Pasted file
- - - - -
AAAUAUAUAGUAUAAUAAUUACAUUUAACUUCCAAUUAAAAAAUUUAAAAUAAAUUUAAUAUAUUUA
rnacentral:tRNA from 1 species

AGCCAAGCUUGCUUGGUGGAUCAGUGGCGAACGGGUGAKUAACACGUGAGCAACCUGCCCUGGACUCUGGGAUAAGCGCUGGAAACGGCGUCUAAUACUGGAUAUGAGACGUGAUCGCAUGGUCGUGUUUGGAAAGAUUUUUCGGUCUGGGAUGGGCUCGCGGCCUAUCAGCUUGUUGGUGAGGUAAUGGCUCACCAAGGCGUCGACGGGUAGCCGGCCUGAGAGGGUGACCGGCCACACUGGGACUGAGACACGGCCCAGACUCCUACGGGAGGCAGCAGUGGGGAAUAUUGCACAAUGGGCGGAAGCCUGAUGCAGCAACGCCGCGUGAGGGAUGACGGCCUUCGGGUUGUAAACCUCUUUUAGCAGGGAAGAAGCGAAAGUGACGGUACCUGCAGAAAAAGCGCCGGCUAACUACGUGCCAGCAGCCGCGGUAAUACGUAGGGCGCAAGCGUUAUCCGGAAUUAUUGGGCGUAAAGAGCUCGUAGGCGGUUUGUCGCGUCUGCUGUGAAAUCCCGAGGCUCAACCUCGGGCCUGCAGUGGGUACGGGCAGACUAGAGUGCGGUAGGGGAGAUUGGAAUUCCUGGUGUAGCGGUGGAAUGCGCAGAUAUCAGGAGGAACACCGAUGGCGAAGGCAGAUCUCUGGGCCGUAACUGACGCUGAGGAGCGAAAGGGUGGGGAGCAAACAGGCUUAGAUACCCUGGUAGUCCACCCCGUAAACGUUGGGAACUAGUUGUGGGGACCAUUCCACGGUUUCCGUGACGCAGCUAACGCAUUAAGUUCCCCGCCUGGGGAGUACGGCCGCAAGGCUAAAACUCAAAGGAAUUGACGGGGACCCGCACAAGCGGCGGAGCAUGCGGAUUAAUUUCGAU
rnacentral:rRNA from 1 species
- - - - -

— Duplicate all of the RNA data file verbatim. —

AAAUAUAUAGUAUAAUAAUUACAUUUAACUUCCAAUUAAAAAAUUUAAAAUAAAUUUAAUAUAUUUA
rnacentral:tRNA from 1 species

AGCCAAGCUUGCUUGGUGGAUCAGUGGCGAACGGGUGAKUAACACGUGAGCAACCUGCCCUGGACUCUGGGAUAAGCGCUGGAAACGGCGUCUAAUACUGGAUAUGAGACGUGAUCGCAUGGUCGUGUUUGGAAAGAUUUUUCGGUCUGGGAUGGGCUCGCGGCCUAUCAGCUUGUUGGUGAGGUAAUGGCUCACCAAGGCGUCGACGGGUAGCCGGCCUGAGAGGGUGACCGGCCACACUGGGACUGAGACACGGCCCAGACUCCUACGGGAGGCAGCAGUGGGGAAUAUUGCACAAUGGGCGGAAGCCUGAUGCAGCAACGCCGCGUGAGGGAUGACGGCCUUCGGGUUGUAAACCUCUUUUAGCAGGGAAGAAGCGAAAGUGACGGUACCUGCAGAAAAAGCGCCGGCUAACUACGUGCCAGCAGCCGCGGUAAUACGUAGGGCGCAAGCGUUAUCCGGAAUUAUUGGGCGUAAAGAGCUCGUAGGCGGUUUGUCGCGUCUGCUGUGAAAUCCCGAGGCUCAACCUCGGGCCUGCAGUGGGUACGGGCAGACUAGAGUGCGGUAGGGGAGAUUGGAAUUCCUGGUGUAGCGGUGGAAUGCGCAGAUAUCAGGAGGAACACCGAUGGCGAAGGCAGAUCUCUGGGCCGUAACUGACGCUGAGGAGCGAAAGGGUGGGGAGCAAACAGGCUUAGAUACCCUGGUAGUCCACCCCGUAAACGUUGGGAACUAGUUGUGGGGACCAUUCCACGGUUUCCGUGACGCAGCUAACGCAUUAAGUUCCCCGCCUGGGGAGUACGGCCGCAAGGCUAAAACUCAAAGGAAUUGACGGGGACCCGCACAAGCGGCGGAGCAUGCGGAUUAAUUUCGAU
rnacentral:rRNA from 1 species